Hari Budha Magar is now officially the first-ever double above-the-knee amputee to reach the highest peak in the world. The former British soldier conquered Mount Everest in the hope that he could inspire others who live with disabilities to achieve their own life goals, big and small.
“If a double above-knee amputee can climb Everest, you can climb whatever mountain you face,” he said.
Magar didn’t just have to overcome the physical challenges of the world’s most rigorous climb. He joined with other mountaineers and adventurers who live with disabilities in a landmark Supreme Court case, to overturn Nepal’s ban on people with disabilities climbing the iconic mountain.
Once that was accomplished, he set about raising funds and support to complete the 8,849-metre climb.
He trained with Krish Thapa, former Chief Mountain Instructor at the SAS and world-renowned climber, to prepare for the gruelling expedition. Magar also required customised gear, including specially designed crampons, heated sockets for his stumps and short engineered prosthetic legs, to get him to the top.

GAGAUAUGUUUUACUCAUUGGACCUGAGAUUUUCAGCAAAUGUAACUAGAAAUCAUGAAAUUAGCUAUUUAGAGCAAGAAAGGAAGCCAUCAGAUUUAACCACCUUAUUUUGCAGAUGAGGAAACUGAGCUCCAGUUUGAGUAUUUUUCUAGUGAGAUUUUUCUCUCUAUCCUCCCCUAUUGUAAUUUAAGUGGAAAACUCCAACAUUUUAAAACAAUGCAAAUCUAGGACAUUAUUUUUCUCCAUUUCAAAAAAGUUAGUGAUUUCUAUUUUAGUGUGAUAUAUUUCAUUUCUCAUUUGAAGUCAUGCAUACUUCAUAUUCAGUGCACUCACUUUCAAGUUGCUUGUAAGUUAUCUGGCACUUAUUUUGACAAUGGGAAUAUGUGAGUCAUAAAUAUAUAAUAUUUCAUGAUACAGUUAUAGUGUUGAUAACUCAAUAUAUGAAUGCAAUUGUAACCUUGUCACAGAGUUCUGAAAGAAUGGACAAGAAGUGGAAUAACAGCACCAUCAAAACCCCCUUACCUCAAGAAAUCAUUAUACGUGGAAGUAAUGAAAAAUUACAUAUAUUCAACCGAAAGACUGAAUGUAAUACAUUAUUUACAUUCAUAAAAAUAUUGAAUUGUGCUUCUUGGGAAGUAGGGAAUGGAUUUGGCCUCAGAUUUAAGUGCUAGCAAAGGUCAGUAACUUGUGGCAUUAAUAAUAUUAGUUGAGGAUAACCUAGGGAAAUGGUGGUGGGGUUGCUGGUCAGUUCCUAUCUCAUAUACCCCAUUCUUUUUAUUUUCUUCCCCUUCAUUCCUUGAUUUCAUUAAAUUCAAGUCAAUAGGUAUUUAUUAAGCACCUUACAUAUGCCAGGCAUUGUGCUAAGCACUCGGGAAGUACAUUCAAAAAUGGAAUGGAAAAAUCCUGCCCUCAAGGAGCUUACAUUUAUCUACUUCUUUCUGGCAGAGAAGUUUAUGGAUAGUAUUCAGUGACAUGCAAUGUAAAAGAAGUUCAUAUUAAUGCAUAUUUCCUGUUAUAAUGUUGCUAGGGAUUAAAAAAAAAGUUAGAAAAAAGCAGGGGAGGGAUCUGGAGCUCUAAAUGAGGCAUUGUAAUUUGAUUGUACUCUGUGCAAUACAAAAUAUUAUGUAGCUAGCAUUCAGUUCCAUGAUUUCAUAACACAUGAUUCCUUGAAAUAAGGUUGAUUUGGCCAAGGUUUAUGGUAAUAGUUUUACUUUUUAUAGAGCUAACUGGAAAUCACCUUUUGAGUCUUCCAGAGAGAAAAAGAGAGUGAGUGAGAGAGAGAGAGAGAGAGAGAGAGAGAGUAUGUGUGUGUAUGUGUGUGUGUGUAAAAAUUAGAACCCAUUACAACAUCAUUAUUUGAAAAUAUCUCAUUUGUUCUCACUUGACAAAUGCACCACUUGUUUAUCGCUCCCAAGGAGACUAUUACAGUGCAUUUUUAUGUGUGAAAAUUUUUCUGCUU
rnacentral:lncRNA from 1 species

“My lifetime goal is to change the perceptions people have of disability. My life changed in a blink of an eye, but whatever happens, you can still lead a fulfilling life.”
In a show of gratitude for his supporters (among them Dame Joanna Lumley, a proud patron of the expedition), Magar took with him a specially designed Summit Flag to plant at the peak, featuring the names of individuals and organisations who have championed his climb.
You can see the flag, and find out more about Magar’s journey to the Everest summit, on his website.